I lost my RPG cherry to Vampire: The Masquerade. I was 13 and had mistakenly been bought it for Christmas. It was completely different from Magic: The Gathering, Marvel Overpower and the Vampire Collectible Card Game (CCG) which I’d been getting into. I had no idea what to do with the hardback book splashed with its gothically lavish Tim Bradstreet illustrations and not owning this mysterious D10 artefact my brother and I used paper torn up with the numbers 1-10 scrawled upon them. We scrawled city maps onto anything to hand and used cards from the CCG to represent NPCs. We probably got most of the rules wrong and after a hiatus of a few years got into other RPGs like Dungeons & Dragons, Alternity and Chill.
I returned some time later to Vampire and especially the satellite games Mage, Wraith and Hunter. It was the first time cross-game continuity happened as “The Warehouse Incident” crossed over with each WoD game I ran for several years. One pivotal fight between many forces all in or around one place. The books were fascinating for a young teenager, all dark, brooding, sexy and tormented. The thematic meat of the system the battle for humanity with vampires really captured my interest depressingly this was mostly ignored by many players favouring instead trenchcoated super-fast ninja warriors with blood magic and twin katanas. The stories I heard at the comic shop I worked at were laughable.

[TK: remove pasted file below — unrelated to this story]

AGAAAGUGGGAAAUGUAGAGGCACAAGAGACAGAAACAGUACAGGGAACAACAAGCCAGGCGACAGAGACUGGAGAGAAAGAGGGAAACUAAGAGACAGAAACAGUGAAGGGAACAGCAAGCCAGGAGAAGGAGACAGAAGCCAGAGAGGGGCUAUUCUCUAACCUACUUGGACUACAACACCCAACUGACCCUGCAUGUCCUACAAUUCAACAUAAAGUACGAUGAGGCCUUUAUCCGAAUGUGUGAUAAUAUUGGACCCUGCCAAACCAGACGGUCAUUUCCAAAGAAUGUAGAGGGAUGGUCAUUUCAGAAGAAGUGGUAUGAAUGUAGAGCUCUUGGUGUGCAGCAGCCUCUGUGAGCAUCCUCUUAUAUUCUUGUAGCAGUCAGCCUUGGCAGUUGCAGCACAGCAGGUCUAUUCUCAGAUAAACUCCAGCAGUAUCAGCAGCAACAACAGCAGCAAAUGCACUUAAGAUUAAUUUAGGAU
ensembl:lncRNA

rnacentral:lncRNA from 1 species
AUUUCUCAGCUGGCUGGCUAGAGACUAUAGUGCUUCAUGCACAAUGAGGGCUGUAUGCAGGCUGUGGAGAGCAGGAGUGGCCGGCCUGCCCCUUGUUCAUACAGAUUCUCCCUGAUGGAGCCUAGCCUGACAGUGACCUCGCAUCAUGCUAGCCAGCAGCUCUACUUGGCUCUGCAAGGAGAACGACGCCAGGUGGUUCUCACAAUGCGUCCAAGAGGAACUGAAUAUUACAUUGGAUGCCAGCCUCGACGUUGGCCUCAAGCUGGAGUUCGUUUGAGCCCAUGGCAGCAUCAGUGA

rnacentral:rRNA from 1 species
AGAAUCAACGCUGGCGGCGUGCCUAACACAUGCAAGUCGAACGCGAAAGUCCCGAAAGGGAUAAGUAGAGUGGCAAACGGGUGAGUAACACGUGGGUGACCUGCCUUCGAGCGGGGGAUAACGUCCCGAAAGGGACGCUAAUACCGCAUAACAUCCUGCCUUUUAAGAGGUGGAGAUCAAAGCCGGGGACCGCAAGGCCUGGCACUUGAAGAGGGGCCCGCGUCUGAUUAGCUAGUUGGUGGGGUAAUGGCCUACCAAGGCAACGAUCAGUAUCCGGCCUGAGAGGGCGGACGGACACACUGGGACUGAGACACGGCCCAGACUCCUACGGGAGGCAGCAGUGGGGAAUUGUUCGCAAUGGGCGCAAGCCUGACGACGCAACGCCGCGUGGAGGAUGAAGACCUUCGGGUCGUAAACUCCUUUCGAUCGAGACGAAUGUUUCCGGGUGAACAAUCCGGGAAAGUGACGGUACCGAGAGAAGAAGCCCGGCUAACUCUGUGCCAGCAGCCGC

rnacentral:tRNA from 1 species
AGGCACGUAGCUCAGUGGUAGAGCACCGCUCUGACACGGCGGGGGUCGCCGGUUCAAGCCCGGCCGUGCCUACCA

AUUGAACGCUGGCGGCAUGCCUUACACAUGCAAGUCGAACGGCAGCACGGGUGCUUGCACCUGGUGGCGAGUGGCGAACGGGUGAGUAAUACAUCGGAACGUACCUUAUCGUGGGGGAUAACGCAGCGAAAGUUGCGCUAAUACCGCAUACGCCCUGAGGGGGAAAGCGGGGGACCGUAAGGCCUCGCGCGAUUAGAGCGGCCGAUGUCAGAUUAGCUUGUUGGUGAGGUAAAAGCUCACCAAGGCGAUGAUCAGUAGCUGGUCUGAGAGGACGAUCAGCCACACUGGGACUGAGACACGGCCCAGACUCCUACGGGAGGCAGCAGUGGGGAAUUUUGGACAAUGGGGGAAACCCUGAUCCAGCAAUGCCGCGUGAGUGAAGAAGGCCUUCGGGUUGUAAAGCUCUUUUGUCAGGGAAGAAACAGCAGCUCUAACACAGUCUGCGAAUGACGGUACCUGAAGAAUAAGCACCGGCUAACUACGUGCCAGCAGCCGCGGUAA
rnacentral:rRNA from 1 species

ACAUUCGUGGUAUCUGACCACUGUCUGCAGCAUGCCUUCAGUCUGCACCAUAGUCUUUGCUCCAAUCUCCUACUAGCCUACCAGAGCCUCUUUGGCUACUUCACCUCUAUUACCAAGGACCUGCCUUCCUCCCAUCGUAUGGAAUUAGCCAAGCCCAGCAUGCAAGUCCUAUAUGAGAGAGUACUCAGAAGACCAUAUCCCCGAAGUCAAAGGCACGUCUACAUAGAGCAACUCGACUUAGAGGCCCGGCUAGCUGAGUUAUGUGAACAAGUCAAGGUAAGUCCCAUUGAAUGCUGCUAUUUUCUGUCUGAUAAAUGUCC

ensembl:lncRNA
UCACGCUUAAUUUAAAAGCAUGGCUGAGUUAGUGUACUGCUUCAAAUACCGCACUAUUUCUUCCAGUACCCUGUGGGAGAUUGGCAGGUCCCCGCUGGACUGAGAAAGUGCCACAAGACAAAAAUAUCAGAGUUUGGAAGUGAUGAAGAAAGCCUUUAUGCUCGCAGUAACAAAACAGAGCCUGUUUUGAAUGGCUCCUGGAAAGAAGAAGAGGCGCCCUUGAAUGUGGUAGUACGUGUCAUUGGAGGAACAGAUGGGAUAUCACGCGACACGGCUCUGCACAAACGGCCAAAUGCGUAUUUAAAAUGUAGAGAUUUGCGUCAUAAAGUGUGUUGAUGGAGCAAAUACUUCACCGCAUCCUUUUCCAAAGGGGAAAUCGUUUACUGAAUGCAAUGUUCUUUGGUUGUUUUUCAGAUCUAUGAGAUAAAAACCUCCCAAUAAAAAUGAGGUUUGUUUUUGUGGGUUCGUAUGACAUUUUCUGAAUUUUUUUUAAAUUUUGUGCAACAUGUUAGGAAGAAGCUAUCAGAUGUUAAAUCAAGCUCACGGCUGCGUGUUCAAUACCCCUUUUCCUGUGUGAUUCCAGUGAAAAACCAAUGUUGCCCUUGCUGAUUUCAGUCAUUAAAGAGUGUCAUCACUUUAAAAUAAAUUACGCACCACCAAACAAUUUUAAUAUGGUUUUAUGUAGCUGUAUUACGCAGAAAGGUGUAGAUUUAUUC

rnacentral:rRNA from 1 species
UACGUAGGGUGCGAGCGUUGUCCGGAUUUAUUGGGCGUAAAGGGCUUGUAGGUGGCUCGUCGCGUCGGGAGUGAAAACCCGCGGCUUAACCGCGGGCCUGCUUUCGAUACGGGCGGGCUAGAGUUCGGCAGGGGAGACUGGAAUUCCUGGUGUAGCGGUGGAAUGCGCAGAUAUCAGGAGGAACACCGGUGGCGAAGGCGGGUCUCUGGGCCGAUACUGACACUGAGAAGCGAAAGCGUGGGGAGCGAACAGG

The New World of Darkness materialised around 2004 It solidified much of the mechanics and while it sacrificed all of the previous setting, that was fine with me. I missed the clans from Vampire, but the politics were more interesting, the ‘toolkit’ nature of the books suited my GMing style. You made humans first, then you turned them into monsters.
I ran the same premade campaign for my group and there were moments of discarding humanity for revenge, of the angrier people in the party relating to humans for the first time since they turned or forgiving their sires. It was fascinating and the idea of ‘just normal folks’ turned into vampires with both horrendous medical needs and a new political society to deal with was great.